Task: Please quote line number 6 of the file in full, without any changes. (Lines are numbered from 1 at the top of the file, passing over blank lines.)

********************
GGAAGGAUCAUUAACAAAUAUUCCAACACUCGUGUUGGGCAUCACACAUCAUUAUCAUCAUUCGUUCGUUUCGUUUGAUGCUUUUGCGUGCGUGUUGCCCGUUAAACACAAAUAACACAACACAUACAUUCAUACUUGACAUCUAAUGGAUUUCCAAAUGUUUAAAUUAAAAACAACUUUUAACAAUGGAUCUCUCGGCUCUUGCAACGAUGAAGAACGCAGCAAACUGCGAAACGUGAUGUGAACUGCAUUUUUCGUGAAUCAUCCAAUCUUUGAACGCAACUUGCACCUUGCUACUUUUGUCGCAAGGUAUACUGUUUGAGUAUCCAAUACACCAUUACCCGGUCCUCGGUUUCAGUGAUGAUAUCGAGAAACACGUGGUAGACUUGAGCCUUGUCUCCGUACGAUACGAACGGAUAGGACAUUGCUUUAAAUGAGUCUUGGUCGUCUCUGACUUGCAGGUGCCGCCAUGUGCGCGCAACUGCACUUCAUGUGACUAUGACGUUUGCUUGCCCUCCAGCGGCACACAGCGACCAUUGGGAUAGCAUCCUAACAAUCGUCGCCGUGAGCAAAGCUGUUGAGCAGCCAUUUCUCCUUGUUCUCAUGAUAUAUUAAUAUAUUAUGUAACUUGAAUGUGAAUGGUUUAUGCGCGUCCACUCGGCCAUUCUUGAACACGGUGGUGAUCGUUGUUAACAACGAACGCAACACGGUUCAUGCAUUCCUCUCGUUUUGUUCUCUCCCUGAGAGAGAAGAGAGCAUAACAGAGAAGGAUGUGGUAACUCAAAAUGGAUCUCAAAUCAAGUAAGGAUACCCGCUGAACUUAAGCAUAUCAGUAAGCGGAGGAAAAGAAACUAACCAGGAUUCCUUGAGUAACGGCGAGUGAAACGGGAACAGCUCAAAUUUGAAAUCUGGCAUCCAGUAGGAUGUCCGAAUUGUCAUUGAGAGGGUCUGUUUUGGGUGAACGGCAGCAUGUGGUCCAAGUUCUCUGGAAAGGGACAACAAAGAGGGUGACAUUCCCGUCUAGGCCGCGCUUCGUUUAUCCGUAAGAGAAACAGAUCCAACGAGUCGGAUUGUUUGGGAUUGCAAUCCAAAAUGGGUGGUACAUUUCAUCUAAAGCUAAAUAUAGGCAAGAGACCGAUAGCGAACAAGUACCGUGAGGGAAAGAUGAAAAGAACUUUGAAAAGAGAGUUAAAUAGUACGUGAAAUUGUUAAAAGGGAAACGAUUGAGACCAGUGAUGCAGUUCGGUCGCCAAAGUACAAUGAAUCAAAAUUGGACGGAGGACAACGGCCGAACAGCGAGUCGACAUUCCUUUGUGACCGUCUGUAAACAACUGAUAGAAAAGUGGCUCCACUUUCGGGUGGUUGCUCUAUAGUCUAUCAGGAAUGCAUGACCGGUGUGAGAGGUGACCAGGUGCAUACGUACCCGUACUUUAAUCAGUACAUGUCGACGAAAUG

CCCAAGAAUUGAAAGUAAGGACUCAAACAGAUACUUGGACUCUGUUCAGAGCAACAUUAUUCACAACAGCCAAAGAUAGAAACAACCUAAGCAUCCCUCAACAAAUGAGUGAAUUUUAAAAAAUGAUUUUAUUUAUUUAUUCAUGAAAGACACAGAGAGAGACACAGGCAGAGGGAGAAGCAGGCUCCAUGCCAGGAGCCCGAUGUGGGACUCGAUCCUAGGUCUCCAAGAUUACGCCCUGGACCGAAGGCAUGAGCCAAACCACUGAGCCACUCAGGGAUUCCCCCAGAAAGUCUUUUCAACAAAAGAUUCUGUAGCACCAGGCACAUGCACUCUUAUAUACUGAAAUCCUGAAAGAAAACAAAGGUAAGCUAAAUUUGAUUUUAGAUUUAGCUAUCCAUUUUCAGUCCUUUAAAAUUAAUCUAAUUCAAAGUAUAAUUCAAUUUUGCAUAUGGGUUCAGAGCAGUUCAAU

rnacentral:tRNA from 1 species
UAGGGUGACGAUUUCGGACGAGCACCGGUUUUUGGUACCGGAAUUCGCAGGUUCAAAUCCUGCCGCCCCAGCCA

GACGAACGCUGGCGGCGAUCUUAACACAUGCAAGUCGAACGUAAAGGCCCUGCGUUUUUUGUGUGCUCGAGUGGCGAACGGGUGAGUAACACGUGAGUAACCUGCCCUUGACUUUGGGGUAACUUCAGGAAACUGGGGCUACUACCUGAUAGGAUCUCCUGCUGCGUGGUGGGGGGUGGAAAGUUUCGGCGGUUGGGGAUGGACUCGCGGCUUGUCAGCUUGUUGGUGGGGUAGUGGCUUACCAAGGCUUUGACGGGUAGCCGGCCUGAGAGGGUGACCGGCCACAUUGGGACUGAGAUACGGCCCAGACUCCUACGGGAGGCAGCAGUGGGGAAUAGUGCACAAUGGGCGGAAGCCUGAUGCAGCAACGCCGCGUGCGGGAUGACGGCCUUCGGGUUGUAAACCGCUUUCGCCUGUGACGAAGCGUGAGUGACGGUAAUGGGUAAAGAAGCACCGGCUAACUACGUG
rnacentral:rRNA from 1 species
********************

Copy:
rnacentral:rRNA from 1 species